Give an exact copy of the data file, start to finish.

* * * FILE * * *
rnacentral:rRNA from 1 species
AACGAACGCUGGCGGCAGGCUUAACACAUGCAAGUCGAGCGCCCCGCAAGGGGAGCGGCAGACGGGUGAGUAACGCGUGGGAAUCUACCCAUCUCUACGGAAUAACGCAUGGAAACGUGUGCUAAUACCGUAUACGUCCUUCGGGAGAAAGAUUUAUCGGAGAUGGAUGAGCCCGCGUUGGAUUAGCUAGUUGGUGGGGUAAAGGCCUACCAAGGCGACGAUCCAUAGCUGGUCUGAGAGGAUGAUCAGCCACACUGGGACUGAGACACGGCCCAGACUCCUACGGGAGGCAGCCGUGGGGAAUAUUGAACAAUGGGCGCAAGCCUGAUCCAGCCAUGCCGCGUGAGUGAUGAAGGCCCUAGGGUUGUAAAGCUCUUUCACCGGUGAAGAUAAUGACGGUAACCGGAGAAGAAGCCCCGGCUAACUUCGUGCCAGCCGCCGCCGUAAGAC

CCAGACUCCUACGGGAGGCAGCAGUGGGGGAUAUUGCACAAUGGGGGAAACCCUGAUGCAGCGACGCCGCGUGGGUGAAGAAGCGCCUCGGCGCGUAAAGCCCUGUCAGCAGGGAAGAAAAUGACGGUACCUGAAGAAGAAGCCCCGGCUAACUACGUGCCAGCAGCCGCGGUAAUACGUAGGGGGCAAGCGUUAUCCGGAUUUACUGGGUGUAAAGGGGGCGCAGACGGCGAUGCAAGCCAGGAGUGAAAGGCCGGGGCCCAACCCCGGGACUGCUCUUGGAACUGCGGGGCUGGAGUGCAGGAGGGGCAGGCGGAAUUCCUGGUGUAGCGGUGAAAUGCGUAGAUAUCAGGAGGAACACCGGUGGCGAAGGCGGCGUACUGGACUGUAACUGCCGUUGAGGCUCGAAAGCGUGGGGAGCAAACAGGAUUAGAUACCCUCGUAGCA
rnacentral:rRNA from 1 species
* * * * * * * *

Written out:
rnacentral:rRNA from 1 species
AACGAACGCUGGCGGCAGGCUUAACACAUGCAAGUCGAGCGCCCCGCAAGGGGAGCGGCAGACGGGUGAGUAACGCGUGGGAAUCUACCCAUCUCUACGGAAUAACGCAUGGAAACGUGUGCUAAUACCGUAUACGUCCUUCGGGAGAAAGAUUUAUCGGAGAUGGAUGAGCCCGCGUUGGAUUAGCUAGUUGGUGGGGUAAAGGCCUACCAAGGCGACGAUCCAUAGCUGGUCUGAGAGGAUGAUCAGCCACACUGGGACUGAGACACGGCCCAGACUCCUACGGGAGGCAGCCGUGGGGAAUAUUGAACAAUGGGCGCAAGCCUGAUCCAGCCAUGCCGCGUGAGUGAUGAAGGCCCUAGGGUUGUAAAGCUCUUUCACCGGUGAAGAUAAUGACGGUAACCGGAGAAGAAGCCCCGGCUAACUUCGUGCCAGCCGCCGCCGUAAGAC

CCAGACUCCUACGGGAGGCAGCAGUGGGGGAUAUUGCACAAUGGGGGAAACCCUGAUGCAGCGACGCCGCGUGGGUGAAGAAGCGCCUCGGCGCGUAAAGCCCUGUCAGCAGGGAAGAAAAUGACGGUACCUGAAGAAGAAGCCCCGGCUAACUACGUGCCAGCAGCCGCGGUAAUACGUAGGGGGCAAGCGUUAUCCGGAUUUACUGGGUGUAAAGGGGGCGCAGACGGCGAUGCAAGCCAGGAGUGAAAGGCCGGGGCCCAACCCCGGGACUGCUCUUGGAACUGCGGGGCUGGAGUGCAGGAGGGGCAGGCGGAAUUCCUGGUGUAGCGGUGAAAUGCGUAGAUAUCAGGAGGAACACCGGUGGCGAAGGCGGCGUACUGGACUGUAACUGCCGUUGAGGCUCGAAAGCGUGGGGAGCAAACAGGAUUAGAUACCCUCGUAGCA
rnacentral:rRNA from 1 species